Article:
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/* How to use the TreeTagger                                                 */
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/*****************************************************************************/
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The TreeTagger consists of two programs: train-tree-tagger is used to 
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create a parameter file from a lexicon and a handtagged corpus. 
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tree-tagger expects a parameter file and a text file as arguments and
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annotates the text with part-of-speech tags. The file formats are
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described below. By default, the programs are located in the ./bin
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sub-directory.
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If either of the programs is called without arguments, it will print
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information about its usage.
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Tagging
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-------
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Tagging is done with the tree-tagger program. It requires at least one
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command line argument, the parameter file. If no input file is specified,
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input will be read from stdin. If neither an input file nor an output file
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is specified, the tagger will print to stdout.
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tree-tagger <parameter file> <input file> <output file> {-eps <epsilon>}
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       {-base} {-proto} {-sgml} {-token} {-lemma} {-beam <threshold>}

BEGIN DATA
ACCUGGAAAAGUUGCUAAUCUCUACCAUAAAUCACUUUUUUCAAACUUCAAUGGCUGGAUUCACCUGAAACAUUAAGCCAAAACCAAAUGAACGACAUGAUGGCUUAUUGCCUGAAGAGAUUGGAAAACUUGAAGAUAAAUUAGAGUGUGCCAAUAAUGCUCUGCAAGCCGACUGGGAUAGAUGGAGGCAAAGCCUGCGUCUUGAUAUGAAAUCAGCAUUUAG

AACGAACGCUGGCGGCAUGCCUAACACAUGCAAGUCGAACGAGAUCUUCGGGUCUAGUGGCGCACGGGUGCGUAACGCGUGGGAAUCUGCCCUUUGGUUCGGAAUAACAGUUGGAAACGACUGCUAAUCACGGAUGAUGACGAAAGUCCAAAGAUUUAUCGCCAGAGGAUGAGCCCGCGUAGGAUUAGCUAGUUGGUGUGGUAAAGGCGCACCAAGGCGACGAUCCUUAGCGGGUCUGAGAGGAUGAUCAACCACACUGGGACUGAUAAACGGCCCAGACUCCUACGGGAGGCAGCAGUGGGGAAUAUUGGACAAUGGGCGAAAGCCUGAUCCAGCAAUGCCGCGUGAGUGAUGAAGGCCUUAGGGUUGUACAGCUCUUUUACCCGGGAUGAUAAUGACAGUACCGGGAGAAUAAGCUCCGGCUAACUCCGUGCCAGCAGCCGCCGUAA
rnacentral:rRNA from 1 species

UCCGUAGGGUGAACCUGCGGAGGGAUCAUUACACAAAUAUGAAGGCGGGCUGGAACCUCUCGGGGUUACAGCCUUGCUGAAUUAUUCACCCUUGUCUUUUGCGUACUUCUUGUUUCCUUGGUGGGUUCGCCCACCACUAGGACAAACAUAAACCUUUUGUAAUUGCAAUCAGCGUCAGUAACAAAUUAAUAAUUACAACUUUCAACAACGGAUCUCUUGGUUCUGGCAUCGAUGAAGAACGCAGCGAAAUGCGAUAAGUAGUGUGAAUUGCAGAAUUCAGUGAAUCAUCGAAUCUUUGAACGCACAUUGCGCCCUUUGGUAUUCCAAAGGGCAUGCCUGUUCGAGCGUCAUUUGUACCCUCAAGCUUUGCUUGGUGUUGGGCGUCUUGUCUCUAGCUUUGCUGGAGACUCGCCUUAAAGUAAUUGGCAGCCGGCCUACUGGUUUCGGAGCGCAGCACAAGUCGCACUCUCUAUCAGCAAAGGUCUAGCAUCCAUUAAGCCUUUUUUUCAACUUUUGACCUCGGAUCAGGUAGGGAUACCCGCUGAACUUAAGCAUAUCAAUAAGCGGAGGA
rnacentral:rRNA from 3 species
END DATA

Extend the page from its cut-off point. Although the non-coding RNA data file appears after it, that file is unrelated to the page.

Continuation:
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Description of the command line arguments:
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* <parameter file>: Name of a parameter file which was created with the 
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  train-tree-tagger program.
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* <input file>: Name of the file which is to be tagged. Each token in this 
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  file must be on a separate line. Tokens may contain blanks. It is possible
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  to override the lexical information contained in the parameter file of the
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  tagger by specifying a list of possible tags after a token. This list has
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  to be preceded by a tab character. The tags are optionally followed by a
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  floating point value to specify the probability of the tag. Adding such
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  tag information in the tagger's input is sometimes useful to ensure that
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  certain text-specific expressions are tagged properly.
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  Punctuation marks must be on separate lines as well. Clitics (like "'s",
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  "'re", and "'d" in English or "-la" and "-t-elle" in French) should be
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  separated if they were separated in the training data. (The French and
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  English parameter files available by ftp, expect separation of clitics).
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  Sample input file:
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    He
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    moved
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    to
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    New York City	NP 1.0
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    .
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* <output file>: Name of the file to which the tagger should write its output.
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Further optional command line arguments:
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* -token: tells the tagger to print the words also.
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* -lemma: tells the tagger to print the lemmas of the words also.